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I am creating a series of object instances, the attributes of which i save and load using their __dict__ attribute. I would like to keep some attributes outside of __dict__, simply because i do not want them to be saved or loaded.

More specifically:

I created a parent object merely holding a list of children objects. Children objects' __dict__ is saved to file and loaded later on to instantiate them again. I want the children objects to have a reference to the parent, but i do not want that reference to be saved to, nor loaded from file, as it would not make sense.

Is there any syntax that would exclude the attribute from __dict__?

PS: many answers suggest using pickle, i am currently using json to keep data human readable.

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I'm not sure that this is possible; is there a reason you are storing data in this format instead of using something like pickle? (It can be configured to exclude certain attributes.) –  Jeremy Banks Jun 13 '11 at 10:43
    
I am using json in fact. –  Benjamin Jun 13 '11 at 10:53

4 Answers 4

up vote 3 down vote accepted

Add some prefix for attributes you don't want to save and exclude them while saving.

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Yes, this was my plan B: i just thought it less clean to filter at saving time. –  Benjamin Jun 13 '11 at 10:56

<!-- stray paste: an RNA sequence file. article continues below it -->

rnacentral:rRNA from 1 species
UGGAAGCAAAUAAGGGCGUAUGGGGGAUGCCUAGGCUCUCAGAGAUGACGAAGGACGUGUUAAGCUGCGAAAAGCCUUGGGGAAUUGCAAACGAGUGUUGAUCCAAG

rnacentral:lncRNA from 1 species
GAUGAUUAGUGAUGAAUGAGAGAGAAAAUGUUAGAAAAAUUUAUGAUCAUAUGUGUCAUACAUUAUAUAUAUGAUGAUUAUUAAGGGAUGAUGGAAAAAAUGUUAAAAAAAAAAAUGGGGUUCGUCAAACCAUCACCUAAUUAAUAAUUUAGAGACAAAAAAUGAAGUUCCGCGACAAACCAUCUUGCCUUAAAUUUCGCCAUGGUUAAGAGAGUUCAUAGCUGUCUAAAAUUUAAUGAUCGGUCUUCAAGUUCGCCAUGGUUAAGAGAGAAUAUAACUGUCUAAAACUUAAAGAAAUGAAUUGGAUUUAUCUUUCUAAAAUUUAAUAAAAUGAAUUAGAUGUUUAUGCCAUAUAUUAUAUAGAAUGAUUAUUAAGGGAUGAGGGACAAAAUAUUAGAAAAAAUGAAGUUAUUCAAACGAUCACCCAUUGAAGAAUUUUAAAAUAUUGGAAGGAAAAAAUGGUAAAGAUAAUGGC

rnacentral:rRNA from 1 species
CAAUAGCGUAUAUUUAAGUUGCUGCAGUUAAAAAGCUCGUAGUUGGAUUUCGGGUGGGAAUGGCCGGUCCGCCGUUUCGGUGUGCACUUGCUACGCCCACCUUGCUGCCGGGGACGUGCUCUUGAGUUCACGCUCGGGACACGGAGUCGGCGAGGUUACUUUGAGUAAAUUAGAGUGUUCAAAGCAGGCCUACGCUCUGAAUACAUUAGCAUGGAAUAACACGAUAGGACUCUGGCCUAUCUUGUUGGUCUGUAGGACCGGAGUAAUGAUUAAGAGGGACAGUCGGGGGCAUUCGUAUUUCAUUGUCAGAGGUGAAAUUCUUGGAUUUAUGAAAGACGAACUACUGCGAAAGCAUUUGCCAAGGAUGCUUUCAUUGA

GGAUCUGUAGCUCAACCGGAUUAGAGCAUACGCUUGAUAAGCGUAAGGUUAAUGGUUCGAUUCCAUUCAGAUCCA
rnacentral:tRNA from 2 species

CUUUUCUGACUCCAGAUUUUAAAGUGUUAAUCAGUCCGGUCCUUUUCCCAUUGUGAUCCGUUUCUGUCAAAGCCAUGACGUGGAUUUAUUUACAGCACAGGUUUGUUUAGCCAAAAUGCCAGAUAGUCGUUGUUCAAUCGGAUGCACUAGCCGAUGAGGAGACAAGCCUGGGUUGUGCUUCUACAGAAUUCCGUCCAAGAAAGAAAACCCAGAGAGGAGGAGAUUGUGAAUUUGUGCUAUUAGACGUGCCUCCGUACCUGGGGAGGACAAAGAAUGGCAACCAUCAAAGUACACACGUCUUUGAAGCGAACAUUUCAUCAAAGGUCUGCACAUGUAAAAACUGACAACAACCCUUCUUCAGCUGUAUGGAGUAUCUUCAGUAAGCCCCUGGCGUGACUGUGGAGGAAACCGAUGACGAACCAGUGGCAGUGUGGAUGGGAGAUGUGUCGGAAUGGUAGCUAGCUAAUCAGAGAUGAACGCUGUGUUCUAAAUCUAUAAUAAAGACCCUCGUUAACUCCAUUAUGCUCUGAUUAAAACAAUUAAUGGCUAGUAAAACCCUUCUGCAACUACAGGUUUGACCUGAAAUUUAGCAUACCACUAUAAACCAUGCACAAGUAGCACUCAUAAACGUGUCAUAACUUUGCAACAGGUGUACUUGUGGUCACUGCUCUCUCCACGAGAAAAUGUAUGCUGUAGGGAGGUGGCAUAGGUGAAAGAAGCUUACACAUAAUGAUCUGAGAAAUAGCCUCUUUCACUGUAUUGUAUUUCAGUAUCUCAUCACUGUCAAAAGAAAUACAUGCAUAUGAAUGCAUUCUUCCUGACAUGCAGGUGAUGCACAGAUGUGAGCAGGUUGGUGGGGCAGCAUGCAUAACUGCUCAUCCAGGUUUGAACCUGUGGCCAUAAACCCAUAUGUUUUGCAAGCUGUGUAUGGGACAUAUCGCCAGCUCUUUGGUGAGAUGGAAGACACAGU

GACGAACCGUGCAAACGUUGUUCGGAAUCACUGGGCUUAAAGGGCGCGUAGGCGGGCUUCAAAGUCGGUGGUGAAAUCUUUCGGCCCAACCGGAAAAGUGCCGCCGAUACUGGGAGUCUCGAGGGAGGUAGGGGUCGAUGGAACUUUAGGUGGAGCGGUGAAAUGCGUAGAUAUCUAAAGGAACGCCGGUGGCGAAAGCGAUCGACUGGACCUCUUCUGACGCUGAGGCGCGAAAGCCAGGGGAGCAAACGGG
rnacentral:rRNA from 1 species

1  
@Benjamin it probably won't be clean anyhow. try to reconsider your architecture. –  Roman Bodnarchuk Jun 13 '11 at 11:00
    
I eventually picked this answer because it is the simplest. Thanks. –  Benjamin Jun 18 '11 at 15:33

This approach won't work and so is not going to solve your problem. You should instead extend your framework to allow you to specify which attributes were to be omitted from the save/load.

However, it seems odd that you aren't using one of the built in persistence techniques, e.g. pickle, that already offer such features.

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If you are using python pickle you can create the two method __getstate__ and __setstate__ that will allow you to customize the attribute to pickle like so:

class Coordinate(object):
     def __init__(self, x, y, z=0):
         self.x, self.y, self.z = x, y, z

     def __getstate__(self):
        """By default if no __getstate__ was defined __dict__ will be pickle, but in
        this case i don't want to pickle self.z attribute because of that this
        method return a dict in the form {'x': ..., 'y': ...}.

        """   
        return {
            "x": self.x,
            "y": self.y,
        }

    def __setstate__(self, data):
        self.__init__(data["x"], data["y"])
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You can override the __getattr__ and __setattr__ methods of your object to hide your attributes from __dict__. But you need to store your additional attributes somewhere else. Also it makes it very hard to figure out which members your object really has. So it is more a hack than a good solution.

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